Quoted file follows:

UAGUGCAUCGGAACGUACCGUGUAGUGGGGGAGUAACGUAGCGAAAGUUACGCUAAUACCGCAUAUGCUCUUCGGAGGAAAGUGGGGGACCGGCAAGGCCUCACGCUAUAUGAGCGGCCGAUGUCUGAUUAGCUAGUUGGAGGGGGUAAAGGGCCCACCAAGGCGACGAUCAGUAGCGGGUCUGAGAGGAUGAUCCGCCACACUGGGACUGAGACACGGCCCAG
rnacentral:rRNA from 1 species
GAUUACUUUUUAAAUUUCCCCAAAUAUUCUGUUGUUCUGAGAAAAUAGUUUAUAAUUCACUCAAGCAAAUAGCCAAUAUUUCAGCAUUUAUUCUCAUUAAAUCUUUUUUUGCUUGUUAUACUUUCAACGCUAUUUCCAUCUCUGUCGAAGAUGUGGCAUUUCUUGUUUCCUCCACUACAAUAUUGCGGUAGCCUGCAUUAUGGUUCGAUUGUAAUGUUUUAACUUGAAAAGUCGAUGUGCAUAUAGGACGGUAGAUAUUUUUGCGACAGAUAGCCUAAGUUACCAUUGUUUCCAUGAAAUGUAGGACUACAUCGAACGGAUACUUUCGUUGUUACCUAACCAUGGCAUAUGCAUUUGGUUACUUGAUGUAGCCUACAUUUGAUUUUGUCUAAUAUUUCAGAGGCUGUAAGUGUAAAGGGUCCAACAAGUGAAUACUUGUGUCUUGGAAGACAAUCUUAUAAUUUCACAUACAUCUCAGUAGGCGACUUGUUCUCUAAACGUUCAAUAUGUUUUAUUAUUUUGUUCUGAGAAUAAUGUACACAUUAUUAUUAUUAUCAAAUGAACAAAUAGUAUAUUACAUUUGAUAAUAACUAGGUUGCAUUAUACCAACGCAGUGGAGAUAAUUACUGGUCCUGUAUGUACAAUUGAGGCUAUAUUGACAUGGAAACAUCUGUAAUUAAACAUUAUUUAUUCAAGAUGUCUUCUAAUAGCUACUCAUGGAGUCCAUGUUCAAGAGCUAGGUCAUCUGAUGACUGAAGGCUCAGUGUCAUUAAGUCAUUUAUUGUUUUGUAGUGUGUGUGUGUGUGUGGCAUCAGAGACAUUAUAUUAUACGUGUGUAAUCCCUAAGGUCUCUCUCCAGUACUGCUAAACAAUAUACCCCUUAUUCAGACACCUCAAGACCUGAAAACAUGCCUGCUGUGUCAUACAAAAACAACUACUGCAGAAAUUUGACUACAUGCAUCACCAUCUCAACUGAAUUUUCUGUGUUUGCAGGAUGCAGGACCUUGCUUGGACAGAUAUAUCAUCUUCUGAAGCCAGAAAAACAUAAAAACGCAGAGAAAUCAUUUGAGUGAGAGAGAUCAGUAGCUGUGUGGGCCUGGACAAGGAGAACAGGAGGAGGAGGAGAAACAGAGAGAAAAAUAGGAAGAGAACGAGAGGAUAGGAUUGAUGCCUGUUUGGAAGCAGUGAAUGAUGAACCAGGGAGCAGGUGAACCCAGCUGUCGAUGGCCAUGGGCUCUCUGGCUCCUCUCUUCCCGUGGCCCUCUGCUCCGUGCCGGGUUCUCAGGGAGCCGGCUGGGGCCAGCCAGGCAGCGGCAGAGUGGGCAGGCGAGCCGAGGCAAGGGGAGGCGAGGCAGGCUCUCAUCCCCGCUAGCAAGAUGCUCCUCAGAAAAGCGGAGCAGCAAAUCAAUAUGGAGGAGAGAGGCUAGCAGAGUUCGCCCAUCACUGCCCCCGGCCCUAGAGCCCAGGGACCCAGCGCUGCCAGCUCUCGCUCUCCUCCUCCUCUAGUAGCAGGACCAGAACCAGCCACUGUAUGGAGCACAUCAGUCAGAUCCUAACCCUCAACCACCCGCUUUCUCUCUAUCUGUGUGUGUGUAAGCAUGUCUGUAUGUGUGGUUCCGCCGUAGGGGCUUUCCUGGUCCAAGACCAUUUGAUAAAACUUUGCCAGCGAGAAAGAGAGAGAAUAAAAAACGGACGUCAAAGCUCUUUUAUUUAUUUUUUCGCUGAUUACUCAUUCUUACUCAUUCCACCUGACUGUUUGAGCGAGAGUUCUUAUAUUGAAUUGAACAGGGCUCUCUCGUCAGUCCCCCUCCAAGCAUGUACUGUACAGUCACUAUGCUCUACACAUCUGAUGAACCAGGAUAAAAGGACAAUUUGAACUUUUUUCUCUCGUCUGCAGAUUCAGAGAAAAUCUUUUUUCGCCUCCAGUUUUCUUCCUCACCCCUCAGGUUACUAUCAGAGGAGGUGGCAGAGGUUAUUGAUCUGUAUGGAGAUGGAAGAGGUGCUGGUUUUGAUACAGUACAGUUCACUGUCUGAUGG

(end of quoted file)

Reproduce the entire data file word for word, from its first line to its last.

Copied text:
UAGUGCAUCGGAACGUACCGUGUAGUGGGGGAGUAACGUAGCGAAAGUUACGCUAAUACCGCAUAUGCUCUUCGGAGGAAAGUGGGGGACCGGCAAGGCCUCACGCUAUAUGAGCGGCCGAUGUCUGAUUAGCUAGUUGGAGGGGGUAAAGGGCCCACCAAGGCGACGAUCAGUAGCGGGUCUGAGAGGAUGAUCCGCCACACUGGGACUGAGACACGGCCCAG
rnacentral:rRNA from 1 species
GAUUACUUUUUAAAUUUCCCCAAAUAUUCUGUUGUUCUGAGAAAAUAGUUUAUAAUUCACUCAAGCAAAUAGCCAAUAUUUCAGCAUUUAUUCUCAUUAAAUCUUUUUUUGCUUGUUAUACUUUCAACGCUAUUUCCAUCUCUGUCGAAGAUGUGGCAUUUCUUGUUUCCUCCACUACAAUAUUGCGGUAGCCUGCAUUAUGGUUCGAUUGUAAUGUUUUAACUUGAAAAGUCGAUGUGCAUAUAGGACGGUAGAUAUUUUUGCGACAGAUAGCCUAAGUUACCAUUGUUUCCAUGAAAUGUAGGACUACAUCGAACGGAUACUUUCGUUGUUACCUAACCAUGGCAUAUGCAUUUGGUUACUUGAUGUAGCCUACAUUUGAUUUUGUCUAAUAUUUCAGAGGCUGUAAGUGUAAAGGGUCCAACAAGUGAAUACUUGUGUCUUGGAAGACAAUCUUAUAAUUUCACAUACAUCUCAGUAGGCGACUUGUUCUCUAAACGUUCAAUAUGUUUUAUUAUUUUGUUCUGAGAAUAAUGUACACAUUAUUAUUAUUAUCAAAUGAACAAAUAGUAUAUUACAUUUGAUAAUAACUAGGUUGCAUUAUACCAACGCAGUGGAGAUAAUUACUGGUCCUGUAUGUACAAUUGAGGCUAUAUUGACAUGGAAACAUCUGUAAUUAAACAUUAUUUAUUCAAGAUGUCUUCUAAUAGCUACUCAUGGAGUCCAUGUUCAAGAGCUAGGUCAUCUGAUGACUGAAGGCUCAGUGUCAUUAAGUCAUUUAUUGUUUUGUAGUGUGUGUGUGUGUGUGGCAUCAGAGACAUUAUAUUAUACGUGUGUAAUCCCUAAGGUCUCUCUCCAGUACUGCUAAACAAUAUACCCCUUAUUCAGACACCUCAAGACCUGAAAACAUGCCUGCUGUGUCAUACAAAAACAACUACUGCAGAAAUUUGACUACAUGCAUCACCAUCUCAACUGAAUUUUCUGUGUUUGCAGGAUGCAGGACCUUGCUUGGACAGAUAUAUCAUCUUCUGAAGCCAGAAAAACAUAAAAACGCAGAGAAAUCAUUUGAGUGAGAGAGAUCAGUAGCUGUGUGGGCCUGGACAAGGAGAACAGGAGGAGGAGGAGAAACAGAGAGAAAAAUAGGAAGAGAACGAGAGGAUAGGAUUGAUGCCUGUUUGGAAGCAGUGAAUGAUGAACCAGGGAGCAGGUGAACCCAGCUGUCGAUGGCCAUGGGCUCUCUGGCUCCUCUCUUCCCGUGGCCCUCUGCUCCGUGCCGGGUUCUCAGGGAGCCGGCUGGGGCCAGCCAGGCAGCGGCAGAGUGGGCAGGCGAGCCGAGGCAAGGGGAGGCGAGGCAGGCUCUCAUCCCCGCUAGCAAGAUGCUCCUCAGAAAAGCGGAGCAGCAAAUCAAUAUGGAGGAGAGAGGCUAGCAGAGUUCGCCCAUCACUGCCCCCGGCCCUAGAGCCCAGGGACCCAGCGCUGCCAGCUCUCGCUCUCCUCCUCCUCUAGUAGCAGGACCAGAACCAGCCACUGUAUGGAGCACAUCAGUCAGAUCCUAACCCUCAACCACCCGCUUUCUCUCUAUCUGUGUGUGUGUAAGCAUGUCUGUAUGUGUGGUUCCGCCGUAGGGGCUUUCCUGGUCCAAGACCAUUUGAUAAAACUUUGCCAGCGAGAAAGAGAGAGAAUAAAAAACGGACGUCAAAGCUCUUUUAUUUAUUUUUUCGCUGAUUACUCAUUCUUACUCAUUCCACCUGACUGUUUGAGCGAGAGUUCUUAUAUUGAAUUGAACAGGGCUCUCUCGUCAGUCCCCCUCCAAGCAUGUACUGUACAGUCACUAUGCUCUACACAUCUGAUGAACCAGGAUAAAAGGACAAUUUGAACUUUUUUCUCUCGUCUGCAGAUUCAGAGAAAAUCUUUUUUCGCCUCCAGUUUUCUUCCUCACCCCUCAGGUUACUAUCAGAGGAGGUGGCAGAGGUUAUUGAUCUGUAUGGAGAUGGAAGAGGUGCUGGUUUUGAUACAGUACAGUUCACUGUCUGAUGG